He pulled up to their party spot and Connie walked over to the car, as beautiful as the day he had met her, he thought. She had a huge smile on her face and they hugged for a moment, without say a word, before going over to join the others.

  Through-out the afternoon old stories were retold and old jokes were re-laughed at, and the party-goers passed the time enjoying themselves and not one dwelled on how much time had already passed them.

  And then it was over.

  Roger was deep into conversation with Connie, when a middle-aged man in a dark suit approached them and told them that the park was closing and that they would have to leave. Roger looked around and saw that all of the others had already gone and he hadn’t even noticed.

 “Well, let me help you clean up before I go,” Roger said.

  “It’s alright, sir. I’ll take care of it.” The man answered.

  When Roger and Connie got home, Connie said she was exhausted and was going to bed, but that the chicken scratcher was her favorite present and she promised to make something special with it the next day.

  Roger decided to stay up and watch tv for while, but within minutes was fast asleep in his chair.

  When Roger awoke it was daylight. He went to the bedroom, but Connie was already up. He went to the kitchen and looked out the window. There she was, as usual out in the garden. Connie loved working and reading out in the garden, while Roger had always liked to stay in the house and do things.

  Anymore their paths didn’t seem cross very much, but that was OK, as long as they were together and still happy.

  Besides, Roger had Saturday to look forward to. Saturday was going to be a special day. Everyone was going to meet out at the park for a surprize party, because it was going to be Connie’s 78th birthday and Roger knew just what he wanted to get for her.

   So I got out a roadmap/and looked for towns that had no names/I went to a couple that I never found/and then I went back home again/I know someday I’ll discover you/I’m just not quite sure exactly where/I’ll just have to look in earnest until he says you’re there/until Earnest says you’re there/until he says you’re there/until Earnest says you’re there

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  1. Ice9 says:

    well that was cute, in a creepy sort of way. Ok, maybe it wasn’t so cute.

  2. psychodoodle says:

    yup… i got creeped out too… 😐 bit on the eerie side eh Head? i’m jealous of u by the way.. that you can create life-like stories… i haven’t once been able to.. it just hasn’t happened.. how does it work? (serious question) do you get a small idea and sit and expand it at your key pad or you suddenly get a flash of a whole story in your head or what? how do stories happen for you because one has not yet happened for me 😐 also, how are u? long time no see..! never seen actually.. but long time.. how’s life in general? 🙂

    • Sy says:

      Good, hope you are too. nice to talk to you again. I’ve been neglecting this site for that Kwipster site lately, ’cause it’s kind of addicting, but the story ideas do just come, like the Mary Slimship. I saw that guy with the facial deformities on the train, and the opening line, through the end of the dance scene just ran through my head and I just repeated it to myself for next 30 mins or so, ’til I could get to my car and scribble it down. Other times what seems like a great idea never pans out to anything, but it’s fun when it happens.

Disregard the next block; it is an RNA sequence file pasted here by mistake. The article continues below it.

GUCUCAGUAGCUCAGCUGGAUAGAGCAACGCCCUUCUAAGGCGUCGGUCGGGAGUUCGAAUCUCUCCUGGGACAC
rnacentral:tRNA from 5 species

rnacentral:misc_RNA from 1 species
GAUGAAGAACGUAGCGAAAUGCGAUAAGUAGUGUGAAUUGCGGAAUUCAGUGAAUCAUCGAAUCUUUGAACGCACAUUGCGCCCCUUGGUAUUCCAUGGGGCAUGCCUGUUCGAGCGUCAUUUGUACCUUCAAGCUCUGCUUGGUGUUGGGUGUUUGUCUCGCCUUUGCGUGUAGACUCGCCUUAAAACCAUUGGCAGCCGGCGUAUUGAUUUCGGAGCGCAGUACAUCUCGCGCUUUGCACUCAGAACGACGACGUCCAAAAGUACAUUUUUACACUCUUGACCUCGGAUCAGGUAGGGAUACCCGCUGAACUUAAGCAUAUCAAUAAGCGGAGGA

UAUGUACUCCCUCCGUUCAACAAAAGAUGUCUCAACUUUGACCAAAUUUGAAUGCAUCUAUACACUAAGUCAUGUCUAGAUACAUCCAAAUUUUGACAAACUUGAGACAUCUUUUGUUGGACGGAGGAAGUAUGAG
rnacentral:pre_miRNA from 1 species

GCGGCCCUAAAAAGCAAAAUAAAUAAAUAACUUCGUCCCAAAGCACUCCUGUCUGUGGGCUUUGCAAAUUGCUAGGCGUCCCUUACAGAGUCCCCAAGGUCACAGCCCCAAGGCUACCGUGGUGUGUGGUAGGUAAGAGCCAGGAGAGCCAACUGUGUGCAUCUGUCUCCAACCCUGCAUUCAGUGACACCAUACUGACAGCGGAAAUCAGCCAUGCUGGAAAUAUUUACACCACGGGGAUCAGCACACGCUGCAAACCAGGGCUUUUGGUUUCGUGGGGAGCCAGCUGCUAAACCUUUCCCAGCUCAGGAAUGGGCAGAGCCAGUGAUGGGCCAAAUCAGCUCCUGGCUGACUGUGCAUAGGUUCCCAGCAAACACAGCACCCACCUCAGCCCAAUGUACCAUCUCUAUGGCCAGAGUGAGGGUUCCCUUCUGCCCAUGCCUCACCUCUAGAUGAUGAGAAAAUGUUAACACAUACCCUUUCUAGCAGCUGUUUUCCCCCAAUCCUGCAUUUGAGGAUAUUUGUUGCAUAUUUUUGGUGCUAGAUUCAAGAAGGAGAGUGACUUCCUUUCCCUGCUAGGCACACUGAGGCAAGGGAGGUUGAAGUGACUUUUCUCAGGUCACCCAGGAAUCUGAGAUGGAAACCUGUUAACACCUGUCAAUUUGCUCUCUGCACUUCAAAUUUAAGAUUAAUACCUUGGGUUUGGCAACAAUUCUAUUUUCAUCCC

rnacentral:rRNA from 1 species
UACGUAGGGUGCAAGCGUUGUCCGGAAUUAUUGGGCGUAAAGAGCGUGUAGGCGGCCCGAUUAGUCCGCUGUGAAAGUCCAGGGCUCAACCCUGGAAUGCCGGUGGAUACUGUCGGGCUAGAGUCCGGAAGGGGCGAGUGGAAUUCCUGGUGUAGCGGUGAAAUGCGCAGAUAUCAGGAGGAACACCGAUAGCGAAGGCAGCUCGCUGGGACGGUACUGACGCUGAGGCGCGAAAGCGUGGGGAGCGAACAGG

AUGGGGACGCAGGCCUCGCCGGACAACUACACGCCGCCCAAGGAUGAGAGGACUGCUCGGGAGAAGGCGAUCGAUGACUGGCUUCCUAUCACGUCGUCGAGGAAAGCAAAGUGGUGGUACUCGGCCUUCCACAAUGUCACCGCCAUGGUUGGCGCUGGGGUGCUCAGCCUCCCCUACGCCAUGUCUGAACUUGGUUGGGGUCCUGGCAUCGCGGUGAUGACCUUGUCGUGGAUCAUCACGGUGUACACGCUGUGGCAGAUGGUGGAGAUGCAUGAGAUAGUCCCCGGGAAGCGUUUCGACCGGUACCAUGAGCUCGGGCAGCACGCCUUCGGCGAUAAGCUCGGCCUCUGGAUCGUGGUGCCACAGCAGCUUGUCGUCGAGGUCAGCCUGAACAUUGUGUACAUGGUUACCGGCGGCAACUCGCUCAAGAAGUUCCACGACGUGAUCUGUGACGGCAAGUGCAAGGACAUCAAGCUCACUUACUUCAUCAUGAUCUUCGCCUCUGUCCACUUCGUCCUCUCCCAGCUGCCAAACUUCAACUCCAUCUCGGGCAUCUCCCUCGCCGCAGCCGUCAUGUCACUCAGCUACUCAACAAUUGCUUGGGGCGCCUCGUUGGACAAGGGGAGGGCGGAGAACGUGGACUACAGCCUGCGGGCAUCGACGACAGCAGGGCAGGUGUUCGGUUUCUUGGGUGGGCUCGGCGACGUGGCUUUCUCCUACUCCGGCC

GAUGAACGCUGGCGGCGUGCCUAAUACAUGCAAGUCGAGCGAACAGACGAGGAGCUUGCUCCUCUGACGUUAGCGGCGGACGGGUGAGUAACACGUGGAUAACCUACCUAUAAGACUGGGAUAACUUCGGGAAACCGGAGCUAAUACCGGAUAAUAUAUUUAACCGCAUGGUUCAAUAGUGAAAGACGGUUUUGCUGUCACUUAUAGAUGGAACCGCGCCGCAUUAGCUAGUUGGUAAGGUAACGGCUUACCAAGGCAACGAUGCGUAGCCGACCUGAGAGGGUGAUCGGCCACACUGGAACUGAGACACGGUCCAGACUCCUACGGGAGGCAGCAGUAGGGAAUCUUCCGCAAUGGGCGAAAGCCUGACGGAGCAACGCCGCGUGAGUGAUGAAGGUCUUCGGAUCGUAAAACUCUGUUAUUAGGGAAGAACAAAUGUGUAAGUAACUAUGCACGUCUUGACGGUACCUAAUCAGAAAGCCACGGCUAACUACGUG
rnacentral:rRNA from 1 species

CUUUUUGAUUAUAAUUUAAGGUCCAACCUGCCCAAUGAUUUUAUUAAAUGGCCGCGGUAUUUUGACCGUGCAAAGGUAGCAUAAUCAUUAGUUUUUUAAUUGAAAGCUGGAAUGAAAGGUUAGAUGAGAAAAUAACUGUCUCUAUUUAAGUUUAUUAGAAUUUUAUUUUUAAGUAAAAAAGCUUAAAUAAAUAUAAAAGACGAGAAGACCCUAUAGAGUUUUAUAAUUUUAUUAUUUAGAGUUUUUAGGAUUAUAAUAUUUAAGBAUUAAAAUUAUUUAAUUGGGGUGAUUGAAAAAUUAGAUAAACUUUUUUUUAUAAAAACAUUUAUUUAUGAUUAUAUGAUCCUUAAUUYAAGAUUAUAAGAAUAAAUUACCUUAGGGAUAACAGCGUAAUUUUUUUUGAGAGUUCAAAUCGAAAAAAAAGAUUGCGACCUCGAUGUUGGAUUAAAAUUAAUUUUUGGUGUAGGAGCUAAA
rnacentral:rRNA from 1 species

Thanks for the ego massage, and when you do write something I’ll be reading it. Maybe you could rewrite some of the boring Sri Lankan fiction you didn’t like. Spice it up to your liking, maybe give everyone outrageous hair styles, awesome nails and all they do is sit around and talk about how they want to die, but in a upbeat fun tone.

  3. psychodoodle says:

    😀 hmmm!! haven’t been inspired to write lately… usually write when i’m in a bad mood.. Haven’t gotten worked up about anything particular in awhile.. Trying to find a home for a pup at uni these days.. We seem to have formed a weird emotional bond between the the 2 of us and I’m kinda obsessed with her… Can’t bring her home coz my dog’s a bit of a monster when it comes to other animals.. Sigh… And i didn’t know kwipster, just googled it, shall check it out… Do you go under the same name?

  4. psychodoodle says:

    ‘member of the staff’?? 😛 *shaking my head, and shaking my head some more* (Making mental note to be VERY CAREFUL with what I say to you- but wait I won’t be able to speak at all in that case). Spare me ok! Please! 😛

  5. sy says:

    It was an obvious pun and since noone else said it I thought I would.
    I was disappointed that my kwipster remark on mixing the life expectancy test with the pregnancy test didn’t rate better. maybe it was too dark, but personally it was one of my favorites.
    And don’t be careful. That’s no fun.

  6. elmer says:

    Good stuff. Reminds me of the Twilight Zone.